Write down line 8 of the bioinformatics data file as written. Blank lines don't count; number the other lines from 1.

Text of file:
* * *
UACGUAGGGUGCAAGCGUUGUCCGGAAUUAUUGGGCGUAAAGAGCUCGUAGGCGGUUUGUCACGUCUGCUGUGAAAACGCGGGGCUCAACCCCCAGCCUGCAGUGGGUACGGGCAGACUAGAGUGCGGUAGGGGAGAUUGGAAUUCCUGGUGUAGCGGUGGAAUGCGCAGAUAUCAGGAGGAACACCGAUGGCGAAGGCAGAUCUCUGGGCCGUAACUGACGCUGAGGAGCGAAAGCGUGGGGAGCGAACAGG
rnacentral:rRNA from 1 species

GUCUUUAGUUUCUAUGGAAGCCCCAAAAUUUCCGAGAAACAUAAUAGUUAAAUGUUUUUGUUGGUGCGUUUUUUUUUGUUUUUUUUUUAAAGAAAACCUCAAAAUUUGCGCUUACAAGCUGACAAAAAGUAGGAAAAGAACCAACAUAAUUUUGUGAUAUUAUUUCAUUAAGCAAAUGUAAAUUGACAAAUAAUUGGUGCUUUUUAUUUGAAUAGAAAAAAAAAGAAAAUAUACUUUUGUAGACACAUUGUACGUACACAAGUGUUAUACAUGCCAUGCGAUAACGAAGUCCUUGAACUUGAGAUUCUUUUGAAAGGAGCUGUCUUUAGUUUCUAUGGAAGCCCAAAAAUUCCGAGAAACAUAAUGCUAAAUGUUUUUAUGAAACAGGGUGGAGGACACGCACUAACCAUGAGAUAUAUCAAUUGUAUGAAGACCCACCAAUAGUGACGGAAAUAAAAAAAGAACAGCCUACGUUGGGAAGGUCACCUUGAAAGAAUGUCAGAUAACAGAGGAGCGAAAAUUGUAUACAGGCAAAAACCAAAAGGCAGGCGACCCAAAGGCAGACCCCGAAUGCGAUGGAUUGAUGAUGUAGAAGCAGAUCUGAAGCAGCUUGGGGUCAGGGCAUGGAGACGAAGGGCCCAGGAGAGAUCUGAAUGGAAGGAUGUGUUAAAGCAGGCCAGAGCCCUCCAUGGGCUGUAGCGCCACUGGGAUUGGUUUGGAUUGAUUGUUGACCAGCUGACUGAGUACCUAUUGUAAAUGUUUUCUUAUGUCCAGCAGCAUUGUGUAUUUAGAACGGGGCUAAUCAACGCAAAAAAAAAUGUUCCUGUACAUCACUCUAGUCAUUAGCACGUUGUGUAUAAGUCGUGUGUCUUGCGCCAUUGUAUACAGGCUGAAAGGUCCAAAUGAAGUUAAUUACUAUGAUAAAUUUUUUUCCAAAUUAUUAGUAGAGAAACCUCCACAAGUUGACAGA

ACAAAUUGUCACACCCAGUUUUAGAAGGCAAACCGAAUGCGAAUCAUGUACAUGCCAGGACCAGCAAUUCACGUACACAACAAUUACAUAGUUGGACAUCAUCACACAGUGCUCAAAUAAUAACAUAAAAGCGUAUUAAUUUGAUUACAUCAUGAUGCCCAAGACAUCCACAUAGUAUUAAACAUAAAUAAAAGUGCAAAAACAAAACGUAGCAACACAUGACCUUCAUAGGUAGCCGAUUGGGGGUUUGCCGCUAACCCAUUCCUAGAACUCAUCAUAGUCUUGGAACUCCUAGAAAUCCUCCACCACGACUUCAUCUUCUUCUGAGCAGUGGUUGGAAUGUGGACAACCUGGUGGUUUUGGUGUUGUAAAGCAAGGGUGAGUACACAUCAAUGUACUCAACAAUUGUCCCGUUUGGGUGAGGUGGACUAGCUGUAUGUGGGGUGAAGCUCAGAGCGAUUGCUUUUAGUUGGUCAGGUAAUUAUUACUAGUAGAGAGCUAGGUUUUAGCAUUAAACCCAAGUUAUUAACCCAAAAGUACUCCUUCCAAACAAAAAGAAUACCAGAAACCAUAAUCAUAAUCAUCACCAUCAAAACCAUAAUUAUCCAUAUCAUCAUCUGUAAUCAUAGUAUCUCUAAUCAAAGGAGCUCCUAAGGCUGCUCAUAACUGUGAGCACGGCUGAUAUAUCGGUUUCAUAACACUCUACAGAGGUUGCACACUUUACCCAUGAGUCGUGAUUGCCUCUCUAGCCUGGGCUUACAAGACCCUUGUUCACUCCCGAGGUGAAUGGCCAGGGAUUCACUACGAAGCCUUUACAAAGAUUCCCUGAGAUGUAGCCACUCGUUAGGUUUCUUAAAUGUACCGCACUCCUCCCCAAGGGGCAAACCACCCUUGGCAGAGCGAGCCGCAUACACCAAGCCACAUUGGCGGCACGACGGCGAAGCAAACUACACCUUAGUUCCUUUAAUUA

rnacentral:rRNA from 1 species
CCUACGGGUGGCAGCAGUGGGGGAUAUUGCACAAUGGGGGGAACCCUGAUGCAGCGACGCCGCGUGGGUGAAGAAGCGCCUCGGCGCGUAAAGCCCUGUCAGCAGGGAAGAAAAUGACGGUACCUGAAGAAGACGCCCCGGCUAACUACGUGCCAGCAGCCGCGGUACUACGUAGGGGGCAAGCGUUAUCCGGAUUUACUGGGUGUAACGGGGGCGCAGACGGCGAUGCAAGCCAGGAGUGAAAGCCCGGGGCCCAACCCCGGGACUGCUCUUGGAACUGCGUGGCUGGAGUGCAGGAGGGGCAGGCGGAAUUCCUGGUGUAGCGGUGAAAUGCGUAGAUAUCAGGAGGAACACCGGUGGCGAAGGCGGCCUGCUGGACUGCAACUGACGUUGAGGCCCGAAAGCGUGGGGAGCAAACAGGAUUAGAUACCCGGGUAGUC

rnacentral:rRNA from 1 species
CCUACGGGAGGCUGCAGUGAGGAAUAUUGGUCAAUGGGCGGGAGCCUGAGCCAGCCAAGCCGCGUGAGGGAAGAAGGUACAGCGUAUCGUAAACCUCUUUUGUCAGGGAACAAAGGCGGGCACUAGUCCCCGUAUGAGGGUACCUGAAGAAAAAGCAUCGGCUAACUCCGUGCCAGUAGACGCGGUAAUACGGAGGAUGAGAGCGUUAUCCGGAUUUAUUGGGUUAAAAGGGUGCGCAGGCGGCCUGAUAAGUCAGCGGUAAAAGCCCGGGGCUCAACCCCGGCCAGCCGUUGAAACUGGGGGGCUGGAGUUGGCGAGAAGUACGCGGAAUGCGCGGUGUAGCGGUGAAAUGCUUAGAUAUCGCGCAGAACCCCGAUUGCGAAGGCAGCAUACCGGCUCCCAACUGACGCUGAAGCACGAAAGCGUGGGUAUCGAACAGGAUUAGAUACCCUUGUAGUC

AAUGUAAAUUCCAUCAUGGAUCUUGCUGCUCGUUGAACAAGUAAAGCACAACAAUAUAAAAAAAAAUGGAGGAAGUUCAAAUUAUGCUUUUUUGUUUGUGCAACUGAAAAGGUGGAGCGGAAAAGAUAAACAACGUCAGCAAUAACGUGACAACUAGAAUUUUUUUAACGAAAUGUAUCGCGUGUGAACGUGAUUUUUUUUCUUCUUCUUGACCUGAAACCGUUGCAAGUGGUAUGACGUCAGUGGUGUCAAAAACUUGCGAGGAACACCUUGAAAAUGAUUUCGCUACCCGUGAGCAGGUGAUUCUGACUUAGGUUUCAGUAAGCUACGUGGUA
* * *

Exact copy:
CCUACGGGAGGCUGCAGUGAGGAAUAUUGGUCAAUGGGCGGGAGCCUGAGCCAGCCAAGCCGCGUGAGGGAAGAAGGUACAGCGUAUCGUAAACCUCUUUUGUCAGGGAACAAAGGCGGGCACUAGUCCCCGUAUGAGGGUACCUGAAGAAAAAGCAUCGGCUAACUCCGUGCCAGUAGACGCGGUAAUACGGAGGAUGAGAGCGUUAUCCGGAUUUAUUGGGUUAAAAGGGUGCGCAGGCGGCCUGAUAAGUCAGCGGUAAAAGCCCGGGGCUCAACCCCGGCCAGCCGUUGAAACUGGGGGGCUGGAGUUGGCGAGAAGUACGCGGAAUGCGCGGUGUAGCGGUGAAAUGCUUAGAUAUCGCGCAGAACCCCGAUUGCGAAGGCAGCAUACCGGCUCCCAACUGACGCUGAAGCACGAAAGCGUGGGUAUCGAACAGGAUUAGAUACCCUUGUAGUC